"Just drop down a little bit more, maybe a little more deception," Shields said Wednesday. "It's a work in progress right now in Spring Training. It seemed to work out well at the end of the season and we're going to try to go with it."
Shields is 9-19 with a 5.99 ERA in 43 White Sox starts since being acquired in a June 4, 2016, trade with the San Diego Padres. In his final eight starts last season with the lower arm release, he went 3-3 with a 4.28 ERA and held opposing hitters to a .223 batting average. In 48 1/3 innings, he struck out 45 batters.
The new delivery could rejuvenate the career of the 36-year-old right-hander.
"I hope so, but I'm going to fight every five days," Shields said. "No matter what my results are, I go out there every five days and kind of bulldog it out. I'm not really worried about the results, but just staying healthy."
White Sox manager Rick Renteria liked what he saw from Shields' revamped delivery last season.
"He came into camp and continued to work on that and continued to feel comfortable with it," Renteria said. "It's a slot he found in the middle of the season last year and it did help him a lot. He derived a lot of ground balls after that, kept the ball in the ballpark, was able to command the strike zone much more effectively and was able to use his secondary pitches from that slot pretty well.
"He felt comfortable with that and I think the confidence of finding something that was going to work was a big key for him."
Shields acknowledges the adrenaline will be up a level when batters with different colored jerseys step in the box against him.
"I hope so. I could use some adrenaline right now," Shields said. "The backfield stuff is all good for work. I'm excited to get in the game tomorrow, get ready to go and join the team.
"Get my pitch count up, work on a few things and get some innings in. I don't have real high expectations, just go out there and do my thing. Get some work in and I'll finally get a chance to face live hitters, so it's going to be nice to see."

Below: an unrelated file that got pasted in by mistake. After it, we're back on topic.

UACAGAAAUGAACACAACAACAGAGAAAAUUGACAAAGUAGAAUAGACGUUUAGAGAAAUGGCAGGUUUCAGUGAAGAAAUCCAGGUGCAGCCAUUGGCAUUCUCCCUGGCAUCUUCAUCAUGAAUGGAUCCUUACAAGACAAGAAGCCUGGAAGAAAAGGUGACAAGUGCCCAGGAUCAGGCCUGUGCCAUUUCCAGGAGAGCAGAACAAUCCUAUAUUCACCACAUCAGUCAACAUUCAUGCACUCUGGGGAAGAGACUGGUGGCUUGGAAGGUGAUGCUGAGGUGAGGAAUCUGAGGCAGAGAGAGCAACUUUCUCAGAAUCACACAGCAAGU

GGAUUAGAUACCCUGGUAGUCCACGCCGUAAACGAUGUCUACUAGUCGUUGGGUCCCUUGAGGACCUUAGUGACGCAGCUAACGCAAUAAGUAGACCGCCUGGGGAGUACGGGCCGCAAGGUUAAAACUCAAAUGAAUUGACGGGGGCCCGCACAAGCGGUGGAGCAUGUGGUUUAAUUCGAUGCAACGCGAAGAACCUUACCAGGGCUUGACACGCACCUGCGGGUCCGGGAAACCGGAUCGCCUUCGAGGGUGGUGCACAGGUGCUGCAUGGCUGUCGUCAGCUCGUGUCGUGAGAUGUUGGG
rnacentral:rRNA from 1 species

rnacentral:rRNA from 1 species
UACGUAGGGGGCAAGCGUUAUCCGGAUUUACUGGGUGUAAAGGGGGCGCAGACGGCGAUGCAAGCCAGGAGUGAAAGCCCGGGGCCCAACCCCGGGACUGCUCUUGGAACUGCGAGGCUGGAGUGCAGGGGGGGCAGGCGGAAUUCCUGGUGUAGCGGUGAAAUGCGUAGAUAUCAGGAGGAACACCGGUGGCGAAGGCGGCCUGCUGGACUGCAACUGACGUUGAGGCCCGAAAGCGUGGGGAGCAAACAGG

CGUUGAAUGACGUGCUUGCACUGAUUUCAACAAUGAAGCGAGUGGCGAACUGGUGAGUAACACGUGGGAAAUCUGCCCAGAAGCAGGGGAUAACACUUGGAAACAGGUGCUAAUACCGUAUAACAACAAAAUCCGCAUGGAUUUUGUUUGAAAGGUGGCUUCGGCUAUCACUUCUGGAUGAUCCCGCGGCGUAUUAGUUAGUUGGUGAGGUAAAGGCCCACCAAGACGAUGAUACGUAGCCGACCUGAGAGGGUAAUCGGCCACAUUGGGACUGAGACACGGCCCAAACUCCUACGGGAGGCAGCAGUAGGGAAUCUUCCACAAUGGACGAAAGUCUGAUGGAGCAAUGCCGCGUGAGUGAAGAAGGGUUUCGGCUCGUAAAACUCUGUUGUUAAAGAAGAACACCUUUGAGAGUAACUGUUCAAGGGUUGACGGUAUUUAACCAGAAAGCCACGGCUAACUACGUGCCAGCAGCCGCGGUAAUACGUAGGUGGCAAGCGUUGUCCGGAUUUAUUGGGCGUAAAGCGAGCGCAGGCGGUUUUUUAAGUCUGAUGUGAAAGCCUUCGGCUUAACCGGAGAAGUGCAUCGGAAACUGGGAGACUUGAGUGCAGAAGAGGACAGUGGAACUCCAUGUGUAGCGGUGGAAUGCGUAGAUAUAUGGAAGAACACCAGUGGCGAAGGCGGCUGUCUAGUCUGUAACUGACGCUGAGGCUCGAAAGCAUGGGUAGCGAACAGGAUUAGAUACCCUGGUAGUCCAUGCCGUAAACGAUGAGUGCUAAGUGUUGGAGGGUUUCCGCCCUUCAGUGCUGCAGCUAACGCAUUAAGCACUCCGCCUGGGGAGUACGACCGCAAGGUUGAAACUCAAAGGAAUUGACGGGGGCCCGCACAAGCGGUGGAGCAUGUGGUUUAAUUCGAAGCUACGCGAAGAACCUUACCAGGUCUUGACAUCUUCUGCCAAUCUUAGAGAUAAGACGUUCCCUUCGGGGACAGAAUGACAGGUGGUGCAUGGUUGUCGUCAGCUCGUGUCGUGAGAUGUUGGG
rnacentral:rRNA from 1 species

Shields has been an Opening Day starter seven times in his career and could throw the White Sox first pitch this season on March 29 at Kansas City, one of his former clubs.
"As a veteran that's been doing it for a long time, I have high expectations of myself every single year," Shields said. "My goal is to go out and get some wins for this ballclub."
He has been credited with teaching the Royals to win as they went 29 years without a postseason appearance before his arrival. Now, he is tutoring the young White Sox on what it takes it win in the Major Leagues.
"I don't know if it's teaching anybody how to win," Shields said. "It's more or less creating a good atmosphere around the clubhouse and creating good chemistry. Making the guys in this clubhouse believe that we can win. It's about winning and believing you can win and having that good attitude."
Shields is the most experienced player in the White Sox clubhouse with more than 11 years in the Majors. He says he sees similarities between the White Sox clubhouse and the young Royals' clubhouse he walked into in 2013.
"I do," Shields said. "It's funny. I was looking at the timecards the other day and I think we have, like, only 16 guys with over three years in this clubhouse with 67 guys, so we have a young club and a lot of talent. I'm excited to watch [what] these kids do this year. They work hard and have fun and are enjoying themselves right now.
"That's the difference. Whether we win or lose, sometimes we're going to get our butts kicked and sometimes we're going to out there and win games. At the end of the day, it's about winning and believing you can win and having that good attitude."